IRAQ DEFIES U.N., POWELL SAYS
06 Feb 2003
Source: Los Angeles Times, February 6, 2003
SHOWDOWN WITH IRAQ
Iraq Defies U.N., Powell Says
By Robin Wright, Times Staff Writer
UNITED NATIONS -- Drawing on a high-tech collection of spy satellite imagery and intercepted conversations, Secretary of State Colin L. Powell charged Wednesday that Saddam Hussein has devised elaborate schemes to conceal weapons of mass destruction and warned that the time for international action to disarm Iraq is drawing closer.
"Clearly, Saddam will stop at nothing until something stops him," Powell said.
The secretary of State's methodical and measured presentation nudges the 12-year saga of disarming Iraq closer to a denouement, with new urgency attached to the weekend visit to Baghdad of the top two weapons inspectors and their next report to the Security Council on Feb. 14.
Powell's presentation included purported evidence that Iraq still has active programs in all four categories of proscribed weapons of mass destruction: nuclear, chemical and biological weapons and long-range ballistic missiles. Most of the case is based on intelligence garnered shortly before or since the return to Iraq of weapons inspectors Nov. 27, with other material from the late 1990s, when the previous U.N. teams were forced to leave Baghdad.
The accumulated effect, Powell said, provides strong proof that Hussein is engaged in an "active and systematic" scheme to prevent U.N. teams from finding key materiel and specialists in direct violation of Resolution 1441, which calls false statements, omissions and failure to cooperate with inspectors a material breach. By this standard, he said, Iraq is now undeniably in further material breach, a possible trigger for military action.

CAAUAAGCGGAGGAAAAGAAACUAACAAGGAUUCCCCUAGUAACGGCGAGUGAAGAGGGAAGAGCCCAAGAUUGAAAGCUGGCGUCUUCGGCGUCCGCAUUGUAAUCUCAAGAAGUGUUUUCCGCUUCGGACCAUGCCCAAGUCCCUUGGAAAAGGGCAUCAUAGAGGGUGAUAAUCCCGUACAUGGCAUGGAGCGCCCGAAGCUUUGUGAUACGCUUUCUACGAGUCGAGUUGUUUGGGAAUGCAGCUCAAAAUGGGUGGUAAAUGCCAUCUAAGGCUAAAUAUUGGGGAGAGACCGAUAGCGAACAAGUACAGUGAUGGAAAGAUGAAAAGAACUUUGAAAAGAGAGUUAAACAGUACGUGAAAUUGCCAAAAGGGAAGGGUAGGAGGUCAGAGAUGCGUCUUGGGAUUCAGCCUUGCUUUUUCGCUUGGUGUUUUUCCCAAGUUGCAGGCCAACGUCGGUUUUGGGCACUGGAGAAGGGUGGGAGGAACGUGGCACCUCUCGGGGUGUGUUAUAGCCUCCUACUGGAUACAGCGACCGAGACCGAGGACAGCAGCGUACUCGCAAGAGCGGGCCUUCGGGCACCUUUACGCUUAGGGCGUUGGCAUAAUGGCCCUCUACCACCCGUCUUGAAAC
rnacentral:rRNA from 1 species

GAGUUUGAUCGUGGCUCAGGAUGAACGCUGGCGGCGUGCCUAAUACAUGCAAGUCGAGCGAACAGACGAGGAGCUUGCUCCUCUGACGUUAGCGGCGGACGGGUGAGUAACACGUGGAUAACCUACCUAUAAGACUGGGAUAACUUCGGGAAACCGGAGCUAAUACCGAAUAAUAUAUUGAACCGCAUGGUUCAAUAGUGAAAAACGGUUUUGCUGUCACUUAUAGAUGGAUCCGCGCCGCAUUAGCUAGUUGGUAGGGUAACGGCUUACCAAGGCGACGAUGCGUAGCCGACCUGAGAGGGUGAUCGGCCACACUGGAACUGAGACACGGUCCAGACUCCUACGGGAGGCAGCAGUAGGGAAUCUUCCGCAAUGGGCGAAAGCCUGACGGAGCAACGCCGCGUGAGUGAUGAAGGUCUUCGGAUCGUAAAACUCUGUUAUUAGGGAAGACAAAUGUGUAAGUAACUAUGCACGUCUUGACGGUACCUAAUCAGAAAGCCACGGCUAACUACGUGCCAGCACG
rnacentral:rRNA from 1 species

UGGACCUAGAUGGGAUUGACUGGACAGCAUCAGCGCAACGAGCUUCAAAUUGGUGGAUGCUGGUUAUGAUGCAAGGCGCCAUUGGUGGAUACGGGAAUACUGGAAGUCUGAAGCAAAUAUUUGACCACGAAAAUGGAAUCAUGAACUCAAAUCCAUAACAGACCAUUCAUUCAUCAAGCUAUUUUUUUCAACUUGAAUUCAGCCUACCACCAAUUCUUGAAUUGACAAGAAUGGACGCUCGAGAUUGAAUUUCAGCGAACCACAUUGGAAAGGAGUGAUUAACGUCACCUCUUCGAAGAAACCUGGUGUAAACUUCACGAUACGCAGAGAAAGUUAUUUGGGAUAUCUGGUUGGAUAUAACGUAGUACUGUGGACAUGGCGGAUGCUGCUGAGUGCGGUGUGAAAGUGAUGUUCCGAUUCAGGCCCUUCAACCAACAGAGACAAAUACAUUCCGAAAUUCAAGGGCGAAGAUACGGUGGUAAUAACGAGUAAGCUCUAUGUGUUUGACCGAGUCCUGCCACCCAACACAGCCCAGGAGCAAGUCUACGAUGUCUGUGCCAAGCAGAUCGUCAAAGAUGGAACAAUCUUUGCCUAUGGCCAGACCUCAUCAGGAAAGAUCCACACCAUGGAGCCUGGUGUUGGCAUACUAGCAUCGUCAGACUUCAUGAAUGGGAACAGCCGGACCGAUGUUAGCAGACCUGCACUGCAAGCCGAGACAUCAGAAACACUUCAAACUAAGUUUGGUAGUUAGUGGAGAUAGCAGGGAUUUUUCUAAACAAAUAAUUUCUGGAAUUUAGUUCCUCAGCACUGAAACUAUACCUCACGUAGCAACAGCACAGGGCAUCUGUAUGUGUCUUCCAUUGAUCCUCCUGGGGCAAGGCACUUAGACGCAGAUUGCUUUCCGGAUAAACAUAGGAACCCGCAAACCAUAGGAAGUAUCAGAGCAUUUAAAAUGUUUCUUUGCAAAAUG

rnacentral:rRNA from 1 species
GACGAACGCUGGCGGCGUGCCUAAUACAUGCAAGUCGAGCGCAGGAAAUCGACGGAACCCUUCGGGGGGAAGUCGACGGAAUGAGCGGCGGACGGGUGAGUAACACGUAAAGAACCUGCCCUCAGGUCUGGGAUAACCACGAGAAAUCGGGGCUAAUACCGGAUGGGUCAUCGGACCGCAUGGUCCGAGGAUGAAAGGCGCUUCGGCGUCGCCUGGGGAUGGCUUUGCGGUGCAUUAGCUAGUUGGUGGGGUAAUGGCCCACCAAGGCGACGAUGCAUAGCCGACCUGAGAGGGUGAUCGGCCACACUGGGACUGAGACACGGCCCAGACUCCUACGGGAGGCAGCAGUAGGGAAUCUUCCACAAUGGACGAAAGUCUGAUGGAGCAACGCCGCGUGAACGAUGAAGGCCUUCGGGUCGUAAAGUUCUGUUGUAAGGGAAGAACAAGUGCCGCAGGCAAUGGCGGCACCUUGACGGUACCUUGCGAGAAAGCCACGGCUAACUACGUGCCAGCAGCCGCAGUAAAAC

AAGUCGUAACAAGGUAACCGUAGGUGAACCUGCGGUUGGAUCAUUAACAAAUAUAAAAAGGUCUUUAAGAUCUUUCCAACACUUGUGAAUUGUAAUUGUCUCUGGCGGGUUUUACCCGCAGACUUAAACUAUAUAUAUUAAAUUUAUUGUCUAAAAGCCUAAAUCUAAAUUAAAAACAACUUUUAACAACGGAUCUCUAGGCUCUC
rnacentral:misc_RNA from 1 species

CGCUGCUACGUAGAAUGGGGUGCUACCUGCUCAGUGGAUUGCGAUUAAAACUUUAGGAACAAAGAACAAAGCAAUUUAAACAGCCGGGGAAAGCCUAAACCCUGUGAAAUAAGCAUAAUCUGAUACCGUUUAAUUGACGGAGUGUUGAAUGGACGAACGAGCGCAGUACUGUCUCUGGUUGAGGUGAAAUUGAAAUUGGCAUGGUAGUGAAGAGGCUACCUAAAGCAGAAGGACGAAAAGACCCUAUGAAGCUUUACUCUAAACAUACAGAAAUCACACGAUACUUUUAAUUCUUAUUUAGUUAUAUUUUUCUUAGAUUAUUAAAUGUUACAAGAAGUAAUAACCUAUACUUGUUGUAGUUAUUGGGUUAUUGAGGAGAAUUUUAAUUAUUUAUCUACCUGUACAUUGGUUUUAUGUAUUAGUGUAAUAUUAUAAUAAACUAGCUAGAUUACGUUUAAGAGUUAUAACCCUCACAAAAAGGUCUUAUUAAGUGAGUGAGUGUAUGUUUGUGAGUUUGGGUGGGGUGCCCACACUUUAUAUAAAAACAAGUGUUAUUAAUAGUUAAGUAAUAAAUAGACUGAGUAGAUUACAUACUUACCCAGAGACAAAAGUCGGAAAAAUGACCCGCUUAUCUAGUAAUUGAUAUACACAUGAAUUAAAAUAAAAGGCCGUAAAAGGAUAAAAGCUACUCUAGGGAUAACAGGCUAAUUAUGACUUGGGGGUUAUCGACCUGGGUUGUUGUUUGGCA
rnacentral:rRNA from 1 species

"Saddam Hussein is determined to keep his weapons of mass destruction; he's determined to make more," Powell told the Security Council. "Indeed, by its failure to seize on its one last opportunity to come clean and disarm, Iraq has put itself in deeper material breach and closer to the day when it will face serious consequences for its continued defiance of the council."
During the presentation, Iraq's U.N. ambassador, Mohammed Douri, smiled as he listened to one of the captured recordings because "it was ridiculous," he said afterward. In his rebuttal, Douri said: "Programs for weapons of mass destruction are not like an aspirin pill, easily hidden. They require huge production facilities, starting from research and development facilities, to factories, to weaponization, then deployment. Such things cannot be concealed. Inspectors have crisscrossed all of Iraq and have found none of that."
In Baghdad, Gen. Amir Saadi, a presidential advisor, said Powell's presentation was "a typical American show, complete with stunts and special effects."
The United States also did not appear to fully convince long-standing skeptics about the need for imminent military action. France, Russia and China, three of the five veto-wielding members of the Security Council, called for weapons inspections to continue.
"The Security Council of the United Nations must do everything it can to support the inspection process," Russian Foreign Minister Igor S. Ivanov said.